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    But you don't do it anyway!

    Lionel Bart wrote the musical "Oliver!" and made a heap of money. He spent it all on trying to produce a lot of musicals that were nothing like as good.

    Lord Lloyd-Webber "assembled" a lot of successful musicals that made money - he started off writing with Tim Rice, then went over to project management. He picked good writers, delegated, and made the best use of his skill set.

    Lionel Bart couldn't tell his good/ best work from the stuff he shouldn't have shown to the dustmen. But nobody was going to tell him he was "doing it wrong". If he'd bought material in, he would probably have been a lot more successful. He had the organisational skills.

    If you can see how a business is put together, you only need one success to be able to replicate your ideas over and over again - but if you have a weak area in your business, you don't find out until the returns drop and don't pick up.
     
  17. diablo

    diablo Well-Known Member

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    All four of the reasons you cite come down to one thing - the use and misuse of time.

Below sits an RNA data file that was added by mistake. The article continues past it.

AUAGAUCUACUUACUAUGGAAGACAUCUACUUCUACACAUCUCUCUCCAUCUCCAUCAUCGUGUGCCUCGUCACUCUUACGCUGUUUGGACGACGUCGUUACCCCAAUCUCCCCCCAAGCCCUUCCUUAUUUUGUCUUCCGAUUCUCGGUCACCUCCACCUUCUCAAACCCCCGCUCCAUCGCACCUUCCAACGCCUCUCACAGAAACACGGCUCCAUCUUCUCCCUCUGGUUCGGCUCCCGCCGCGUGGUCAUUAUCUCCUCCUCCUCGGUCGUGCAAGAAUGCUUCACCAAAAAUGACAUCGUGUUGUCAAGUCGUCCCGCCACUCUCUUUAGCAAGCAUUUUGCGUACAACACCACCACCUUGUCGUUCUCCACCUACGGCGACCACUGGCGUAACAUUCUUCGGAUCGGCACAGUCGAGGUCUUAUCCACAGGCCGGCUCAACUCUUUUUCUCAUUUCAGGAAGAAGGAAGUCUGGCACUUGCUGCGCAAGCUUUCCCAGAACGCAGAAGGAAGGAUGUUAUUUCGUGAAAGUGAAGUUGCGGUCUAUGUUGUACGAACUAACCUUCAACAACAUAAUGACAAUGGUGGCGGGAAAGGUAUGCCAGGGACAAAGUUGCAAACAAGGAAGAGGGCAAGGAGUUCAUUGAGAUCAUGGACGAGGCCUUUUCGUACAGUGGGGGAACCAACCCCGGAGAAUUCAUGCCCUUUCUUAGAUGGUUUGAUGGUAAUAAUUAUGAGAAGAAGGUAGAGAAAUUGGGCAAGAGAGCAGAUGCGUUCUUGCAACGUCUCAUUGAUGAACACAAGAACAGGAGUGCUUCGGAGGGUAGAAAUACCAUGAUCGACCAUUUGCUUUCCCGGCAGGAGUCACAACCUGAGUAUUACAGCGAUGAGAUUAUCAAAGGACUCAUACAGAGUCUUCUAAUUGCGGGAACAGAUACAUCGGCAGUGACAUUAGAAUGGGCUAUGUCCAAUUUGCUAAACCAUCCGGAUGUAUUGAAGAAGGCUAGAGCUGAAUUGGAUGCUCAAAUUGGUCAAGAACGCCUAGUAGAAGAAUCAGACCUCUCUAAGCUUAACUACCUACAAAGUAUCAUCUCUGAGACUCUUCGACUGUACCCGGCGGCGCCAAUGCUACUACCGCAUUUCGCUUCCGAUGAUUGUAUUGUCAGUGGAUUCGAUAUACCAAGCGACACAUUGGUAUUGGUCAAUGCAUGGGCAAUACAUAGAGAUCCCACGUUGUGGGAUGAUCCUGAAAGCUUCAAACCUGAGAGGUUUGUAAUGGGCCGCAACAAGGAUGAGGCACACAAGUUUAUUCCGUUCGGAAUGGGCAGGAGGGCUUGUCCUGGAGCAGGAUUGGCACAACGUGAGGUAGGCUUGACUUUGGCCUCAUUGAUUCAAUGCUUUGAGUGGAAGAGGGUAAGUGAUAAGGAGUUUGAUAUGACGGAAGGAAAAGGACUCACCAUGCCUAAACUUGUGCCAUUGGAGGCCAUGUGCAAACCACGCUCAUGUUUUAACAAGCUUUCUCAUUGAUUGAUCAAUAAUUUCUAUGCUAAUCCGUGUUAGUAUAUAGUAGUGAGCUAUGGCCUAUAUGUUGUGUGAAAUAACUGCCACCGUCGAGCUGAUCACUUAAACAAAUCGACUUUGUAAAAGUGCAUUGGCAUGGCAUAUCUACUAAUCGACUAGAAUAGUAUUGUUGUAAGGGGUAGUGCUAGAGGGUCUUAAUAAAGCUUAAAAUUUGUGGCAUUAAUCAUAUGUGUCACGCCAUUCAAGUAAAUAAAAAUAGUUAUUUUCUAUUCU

Very few people truly value their time.
     
  18. crabfoot United Kingdom

    crabfoot Active Member

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    That's how you interpret the problem, George - I don't want to argue, your fundamental principles are sound, but I want to say that there are other ways of expressing a lot of "time management" concepts.

    Let me run through those four points -
    1)"Keep reading ebooks and keep discovering something without focusing on specific thing".

    This is a "trust" problem. Very rarely will people follow something that does not accord completely with their own feelings. If you don't trust the advice someone gives you, you will never get started. If you ignore something they say because it is not in synch with your value system, you may jeapordise the whole project.